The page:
March 21, 2008
Statewide payrolls up; jobless rate holds steady
Seattle Times business reporter
Washington continued to defy the multiple drags on the U.S. economy in February, as state payrolls added 3,500 jobs and the unemployment rate held steady at 4.5 percent.
"We're really different from the national economy at this point," said Evelina Tainer, the state's chief labor economist.
Few sectors illustrate that difference better than construction. Overall, the nation has lost 222,100 construction jobs over the past 12 months, as the collapsed boom in housing idled thousands of carpenters, roofers and drywallers.
But in Washington, construction continued to add jobs – 400 last month, and 1,600 since February 2007. Weakness in residential construction has been outweighed by robust nonresidential construction activity – office buildings, malls, factories and the like.
Much of the growth in construction jobs last month occurred in Eastern Washington, Tainer said. Two large projects, the nuclear-waste vitrification facility at Hanford and the expansion of a polysilicon plant near Moses Lake, together are employing hundreds of workers.
Closer to home, the seasonally adjusted jobless rate in the Seattle metro area ticked down a tenth of a percentage point, to 3.6 percent. Unemployment in both the Puget Sound region and the state now stands well below the U.S. rate of 4.8 percent.
Statewide, nonfarm payroll jobs – often considered a more reliable indicator than the unemployment rate – grew by 1.7 percent over the past 12 months, nearly three times the U.S. growth rate.
Job growth in Washington has been decelerating for several months; the average growth rate in 2007 was 2.5 percent. In the four-county Puget Sound region, year-over-year job growth in February was 2.1 percent, down from an average 2.8 percent last year.
Still, said Tainer, "Slow good news is better than bad news."
The nonfarm payroll figures come from a survey of employers. The jobless rate is derived from a separate survey of individuals – not, as is sometimes thought, from a count of how many people are collecting unemployment benefits.
Strength in the retail sector was somewhat unexpected, given widespread reports of weak consumer spending. Washington retailers added 1,000 jobs last month, though Tainer warned that figure may not hold up after the February data are revised later this year.Other sectors that showed significant gains were bars and restaurants (up 800 jobs), health services and social assistance (up 400 jobs) and construction.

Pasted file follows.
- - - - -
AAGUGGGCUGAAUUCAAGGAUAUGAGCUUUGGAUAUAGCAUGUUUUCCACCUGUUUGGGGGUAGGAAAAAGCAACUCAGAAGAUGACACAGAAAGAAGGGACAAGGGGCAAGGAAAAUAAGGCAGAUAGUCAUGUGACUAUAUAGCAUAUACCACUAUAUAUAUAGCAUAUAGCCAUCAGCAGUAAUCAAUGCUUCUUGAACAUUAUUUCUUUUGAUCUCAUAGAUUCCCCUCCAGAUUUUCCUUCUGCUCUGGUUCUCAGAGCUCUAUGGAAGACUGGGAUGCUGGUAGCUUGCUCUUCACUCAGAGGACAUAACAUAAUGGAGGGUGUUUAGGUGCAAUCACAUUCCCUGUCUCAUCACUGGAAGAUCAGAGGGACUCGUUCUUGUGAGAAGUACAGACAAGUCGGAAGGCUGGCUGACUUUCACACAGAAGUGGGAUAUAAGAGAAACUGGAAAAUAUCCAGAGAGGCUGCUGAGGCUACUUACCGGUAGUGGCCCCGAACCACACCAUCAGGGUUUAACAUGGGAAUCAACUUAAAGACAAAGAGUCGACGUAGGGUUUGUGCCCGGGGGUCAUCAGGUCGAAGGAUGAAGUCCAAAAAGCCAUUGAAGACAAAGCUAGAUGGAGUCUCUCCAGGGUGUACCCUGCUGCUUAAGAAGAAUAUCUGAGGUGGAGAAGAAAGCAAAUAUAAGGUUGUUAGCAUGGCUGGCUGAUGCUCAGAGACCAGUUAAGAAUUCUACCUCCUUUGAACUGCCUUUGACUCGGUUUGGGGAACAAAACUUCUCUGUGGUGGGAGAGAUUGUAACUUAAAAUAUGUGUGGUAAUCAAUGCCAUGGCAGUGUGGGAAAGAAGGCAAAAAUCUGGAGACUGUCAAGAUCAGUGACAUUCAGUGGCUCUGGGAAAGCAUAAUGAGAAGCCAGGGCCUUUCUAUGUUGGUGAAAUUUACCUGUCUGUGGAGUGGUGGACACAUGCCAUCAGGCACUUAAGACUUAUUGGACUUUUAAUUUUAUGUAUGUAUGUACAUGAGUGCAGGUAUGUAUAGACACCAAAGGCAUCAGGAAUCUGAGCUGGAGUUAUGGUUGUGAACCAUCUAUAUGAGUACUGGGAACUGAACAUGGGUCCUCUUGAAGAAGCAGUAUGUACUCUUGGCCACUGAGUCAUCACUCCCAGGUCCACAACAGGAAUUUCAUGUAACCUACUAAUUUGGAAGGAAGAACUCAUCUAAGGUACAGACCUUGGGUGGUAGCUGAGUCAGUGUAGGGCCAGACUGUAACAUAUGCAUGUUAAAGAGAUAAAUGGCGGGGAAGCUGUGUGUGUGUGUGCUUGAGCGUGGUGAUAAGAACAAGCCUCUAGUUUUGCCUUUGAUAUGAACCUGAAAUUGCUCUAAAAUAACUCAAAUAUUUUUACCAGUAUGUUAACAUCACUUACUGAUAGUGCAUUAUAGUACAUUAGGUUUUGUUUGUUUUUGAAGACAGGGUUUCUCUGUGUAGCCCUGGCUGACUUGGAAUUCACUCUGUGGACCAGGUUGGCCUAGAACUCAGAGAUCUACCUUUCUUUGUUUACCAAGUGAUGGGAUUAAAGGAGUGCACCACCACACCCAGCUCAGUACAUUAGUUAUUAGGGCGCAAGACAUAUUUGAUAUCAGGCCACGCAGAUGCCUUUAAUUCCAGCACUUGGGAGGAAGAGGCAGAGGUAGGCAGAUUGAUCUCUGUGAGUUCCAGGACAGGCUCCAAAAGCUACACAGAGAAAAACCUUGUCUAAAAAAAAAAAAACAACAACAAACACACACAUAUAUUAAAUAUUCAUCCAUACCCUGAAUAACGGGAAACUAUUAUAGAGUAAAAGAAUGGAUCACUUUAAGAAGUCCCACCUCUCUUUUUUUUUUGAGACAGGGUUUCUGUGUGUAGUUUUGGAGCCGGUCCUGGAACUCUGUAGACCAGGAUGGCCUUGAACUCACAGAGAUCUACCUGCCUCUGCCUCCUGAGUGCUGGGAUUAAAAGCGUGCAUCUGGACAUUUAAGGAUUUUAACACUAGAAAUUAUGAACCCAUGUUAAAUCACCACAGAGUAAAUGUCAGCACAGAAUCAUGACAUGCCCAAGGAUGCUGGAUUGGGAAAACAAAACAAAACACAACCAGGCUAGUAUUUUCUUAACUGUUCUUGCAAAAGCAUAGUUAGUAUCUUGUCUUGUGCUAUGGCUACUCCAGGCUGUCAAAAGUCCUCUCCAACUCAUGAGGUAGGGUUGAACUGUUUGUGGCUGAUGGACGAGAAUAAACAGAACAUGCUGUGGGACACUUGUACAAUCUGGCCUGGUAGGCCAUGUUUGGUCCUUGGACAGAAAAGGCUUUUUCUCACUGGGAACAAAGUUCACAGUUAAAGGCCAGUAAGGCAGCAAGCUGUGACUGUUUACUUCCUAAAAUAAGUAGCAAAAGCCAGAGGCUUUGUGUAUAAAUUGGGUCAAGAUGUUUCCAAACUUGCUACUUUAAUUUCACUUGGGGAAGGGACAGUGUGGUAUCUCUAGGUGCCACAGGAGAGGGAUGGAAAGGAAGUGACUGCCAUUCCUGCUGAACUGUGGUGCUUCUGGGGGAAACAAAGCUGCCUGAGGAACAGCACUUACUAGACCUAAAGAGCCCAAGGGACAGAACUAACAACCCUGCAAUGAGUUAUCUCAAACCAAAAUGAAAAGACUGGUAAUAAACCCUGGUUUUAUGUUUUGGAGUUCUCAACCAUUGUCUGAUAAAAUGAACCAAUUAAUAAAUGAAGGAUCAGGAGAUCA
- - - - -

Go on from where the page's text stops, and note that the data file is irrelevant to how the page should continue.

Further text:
Miscellaneous services, such as repair and maintenance and membership organizations, lost 300 jobs, as did wholesalers of nondurable goods.
Doug Pedersen, co-publisher of the Puget Sound Economic Forecaster newsletter, said metro Seattle is benefiting from robust basic industries such as aerospace (up 100 jobs in February) and software (up 400 jobs). The strong export orientation of those and other industries also help insulate the area against the struggling U.S. economy, Pedersen said.
Still, he said, the region's many businesses that serve national markets will feel some effect. Pedersen and partner Dick Conway are forecasting Puget Sound-area job growth this year of just 1.8 percent.
"It's not as if we can just be an island and not see some of this impact from the national economy," he said.
One unpleasant side effect of outperforming the nation is higher inflation.
Inflation in the Seattle area has been running hotter than the national rate since August 2006; the most recent reading showed local inflation at 4.73 percent for February, versus 4.03 percent for the entire nation.
Data from the past three decades, Pedersen said, show that when local job growth has outpaced the nation for an extended time, inflation also tends to exceed the national rate: "You tend to get upward pressure on prices when the economy is growing strongly."
Drew DeSilver: 206-464-3145 or email@example.com
Copyright © 2008 The Seattle Times Company
Resumes and Job Hunt,
- career profile (164)
- cool jobs (67)
- education and training (61)
- entry level (70)
- etiquette (107)
- events (71)
- featured (412)
- finding your passion (95)
- health care (73)
- interviewing (88)
- job fairs (60)
- management (88)
- market trends (91)
- networking (273)
- resumes (102)
- salary (85)
- social media (91)
- technology (113)
- unemployment (55)
- work/life balance (90)